Russian Drug Control Chief Ivanov Warns: Legalizing Marijuana Is Wrong; World Is Losing the Battle Against Dope

On Thursday, Viktor Ivanov, head of the Russian Federal Drug Control Service (FSKN) made stern remarks warning that the world is losing the battle against drug trafficking. In particular, he said that so-called “light narcotics” should not be legalized.

This stands in stark opposition to the actions of the Obama Administration the very same day, which issued directives for how banking services will be extended to marijuana operations in the U.S., which will be protected from prosecution, despite U.S. Federal law under which marijuana trafficking is illegal.

Ivanov reported that Russia is committed to act within the framework of the Group of Eight (G8), for which it is currently president, to reverse the losing battle against drugs. He identified the priorities of Russia, during its 2014 G8 presidency, as acting against the drug threat and extremism, working to protect against natural and man-made disasters, and settlement of regional conflicts.

He was addressing a group of university students, in advance of an upcoming G8 Summit of Youth; and a meeting of the G8 anti-drug officials.

Ivanov’s remarks have been covered by many media. According to Interfax, Ivanov said, “So far, the world has been experiencing a fiasco.” Russia “will offer mechanisms for the reduction of the threat of drug abuse to the world” within the G8 framework. He said that, the UN General Assembly Political Declaration on Global Drug Control of 1998 has not been fulfilled, which had set a goal of significant reduction in area of drug-crop cultivation. Interfax reports him saying, “Sixteen years have passed but we have to admit that the areas under these crops have not only failed to reduce but have even grown. The areas under coca crops have enlarged by approximately 1.5 times. Speaking of Afghanistan, the areas under opium poppy reached their historical maximum of 209,000 hectares last year.”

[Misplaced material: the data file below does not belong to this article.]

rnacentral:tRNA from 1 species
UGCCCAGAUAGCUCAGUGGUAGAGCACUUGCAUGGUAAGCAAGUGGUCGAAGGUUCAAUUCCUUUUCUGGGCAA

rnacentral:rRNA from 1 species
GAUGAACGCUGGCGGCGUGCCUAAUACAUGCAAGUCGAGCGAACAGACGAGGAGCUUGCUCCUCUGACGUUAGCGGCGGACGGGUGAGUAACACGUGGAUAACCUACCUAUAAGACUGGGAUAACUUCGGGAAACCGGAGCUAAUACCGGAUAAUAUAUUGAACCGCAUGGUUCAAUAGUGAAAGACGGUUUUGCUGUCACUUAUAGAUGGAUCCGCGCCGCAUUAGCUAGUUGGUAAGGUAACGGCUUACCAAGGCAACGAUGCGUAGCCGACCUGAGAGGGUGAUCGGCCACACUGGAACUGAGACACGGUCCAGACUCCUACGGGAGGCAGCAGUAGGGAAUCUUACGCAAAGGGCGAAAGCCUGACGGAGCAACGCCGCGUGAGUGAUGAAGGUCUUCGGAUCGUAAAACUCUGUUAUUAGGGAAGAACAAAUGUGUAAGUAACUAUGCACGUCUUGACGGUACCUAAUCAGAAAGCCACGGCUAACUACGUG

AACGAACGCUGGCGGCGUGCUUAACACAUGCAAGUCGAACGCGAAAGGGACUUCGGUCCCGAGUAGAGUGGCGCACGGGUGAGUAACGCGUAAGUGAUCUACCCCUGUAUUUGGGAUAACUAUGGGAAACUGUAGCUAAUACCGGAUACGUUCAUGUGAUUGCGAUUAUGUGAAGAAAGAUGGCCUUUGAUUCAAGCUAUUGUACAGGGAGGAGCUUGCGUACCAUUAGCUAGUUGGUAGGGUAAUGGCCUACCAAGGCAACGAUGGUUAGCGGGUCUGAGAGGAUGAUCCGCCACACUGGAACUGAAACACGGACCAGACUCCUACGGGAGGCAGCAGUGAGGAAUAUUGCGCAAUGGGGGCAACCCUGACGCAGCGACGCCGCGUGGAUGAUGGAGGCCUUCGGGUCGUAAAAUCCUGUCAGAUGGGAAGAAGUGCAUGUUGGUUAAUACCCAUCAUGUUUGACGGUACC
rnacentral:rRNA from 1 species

Itar-Tass reports on Ivanov’s statements against legalizing “light narcotics.” In response to a student, he said, “I am very negative about the idea of legalization, and it cannot be otherwise. All of us travel by train and by air. Will you be very happy to know the traffic controllers use drugs? Those who have smoked marijuana for a month, let alone a year, begin to interpret the situation inadequately and feel depressed.” He referred to people falling into a state of delirium tremors.

Itar-Tass reports that Ivanov reminded people that in May, 2012, Russia signed a declaration on the impermissibility of legalizing drugs. He also reviewed to the students, specifics of the terrible toll on Russia, comes from scourge of drugs. Interfax reported in detail on this, noting that, some 1.5 million Russians are heroin addicts; there are 8 million drug addicts in all. His office reports that Russia is the foremost consumer of Afghan heroin, which comes through the Central Asian Republics.

Among other points Ivanov made to the students, is that Russia should resume its manufacture of true medical drugs. Russia is forced to go on the international market to obtain needed drugs for medical purposes.

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